Hatteras Island Specialties

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Pistachio Clam Sauce

Basil Scallop Pasta

Grilling Fish Marinade

 

 

Introduction

These recipes have been developed over the last five years while at my beach house on Hatteras Island, part of the Outer Banks of North Carolina.  The outer banks are a very thin chain of islands starting at the Virginia border and running south to mid-state.  There is only one inlet from the ocean (Oregon Inlet), about halfway down, until the strand turns and heads southwest toward the mainland.  Hatteras Island begins south of Oregon Inlet and encloses the Pamlico Sound between itself and the North Carolina mainland, which at its widest is more than thirty miles across.  This is mostly very shallow water that serves as major habitat and spawning grounds for many Atlantic Coast fish species, and the fishing is fabulous.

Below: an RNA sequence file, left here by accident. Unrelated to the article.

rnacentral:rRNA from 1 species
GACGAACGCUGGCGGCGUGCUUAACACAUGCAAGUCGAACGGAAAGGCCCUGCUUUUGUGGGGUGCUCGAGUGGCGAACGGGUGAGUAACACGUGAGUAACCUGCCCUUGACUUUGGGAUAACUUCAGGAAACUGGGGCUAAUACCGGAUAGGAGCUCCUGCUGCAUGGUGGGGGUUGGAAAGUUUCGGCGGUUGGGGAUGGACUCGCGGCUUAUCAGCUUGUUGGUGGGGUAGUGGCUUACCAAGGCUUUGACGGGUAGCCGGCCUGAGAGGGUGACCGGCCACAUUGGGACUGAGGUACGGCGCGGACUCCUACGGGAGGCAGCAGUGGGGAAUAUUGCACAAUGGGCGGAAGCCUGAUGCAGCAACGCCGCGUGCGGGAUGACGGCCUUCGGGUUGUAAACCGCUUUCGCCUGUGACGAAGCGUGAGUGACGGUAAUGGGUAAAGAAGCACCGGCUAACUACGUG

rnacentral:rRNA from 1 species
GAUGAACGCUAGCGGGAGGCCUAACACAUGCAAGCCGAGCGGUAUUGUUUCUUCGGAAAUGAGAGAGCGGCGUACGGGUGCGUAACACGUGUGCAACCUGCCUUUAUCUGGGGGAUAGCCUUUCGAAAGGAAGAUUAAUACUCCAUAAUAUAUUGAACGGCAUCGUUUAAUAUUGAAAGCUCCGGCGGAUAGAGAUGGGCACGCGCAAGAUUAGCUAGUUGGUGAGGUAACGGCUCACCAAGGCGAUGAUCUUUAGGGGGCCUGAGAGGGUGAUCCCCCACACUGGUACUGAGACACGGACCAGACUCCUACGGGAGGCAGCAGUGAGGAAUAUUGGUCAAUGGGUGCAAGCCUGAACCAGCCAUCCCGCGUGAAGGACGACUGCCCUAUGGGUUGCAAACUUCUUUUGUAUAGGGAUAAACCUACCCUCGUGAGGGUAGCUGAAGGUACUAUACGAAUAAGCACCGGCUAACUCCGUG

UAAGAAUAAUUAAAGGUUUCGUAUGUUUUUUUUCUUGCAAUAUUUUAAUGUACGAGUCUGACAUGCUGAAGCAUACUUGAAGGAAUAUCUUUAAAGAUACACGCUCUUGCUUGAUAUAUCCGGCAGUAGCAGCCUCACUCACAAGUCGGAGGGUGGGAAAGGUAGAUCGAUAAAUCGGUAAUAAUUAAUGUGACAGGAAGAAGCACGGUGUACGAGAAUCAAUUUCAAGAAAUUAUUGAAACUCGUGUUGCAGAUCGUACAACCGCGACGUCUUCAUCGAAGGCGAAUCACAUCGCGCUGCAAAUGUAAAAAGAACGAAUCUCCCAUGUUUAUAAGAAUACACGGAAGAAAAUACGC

Nothing is better than paddling my kayak out into the shallow waters of the Pamlico Sound on a bright summer morning, loaded down with fishing gear and cooler.  The closest good fishing hole that I have found is about a mile out with the water running about two feet deep most of the way.  Over the last few centuries major storms have cut new inlets in the island chain and later filled them back in.  During the periods these inlets were open to the ocean, they cut tidal channels through the shallow sound, and when they closed up, many channels and holes were left behind.  These deep spots attract schools of immature species that spawned in the sound, making them the ideal fishing grounds for speckled sea trout (my favorite), gray trout, small bluefish, flounder, and small stripers.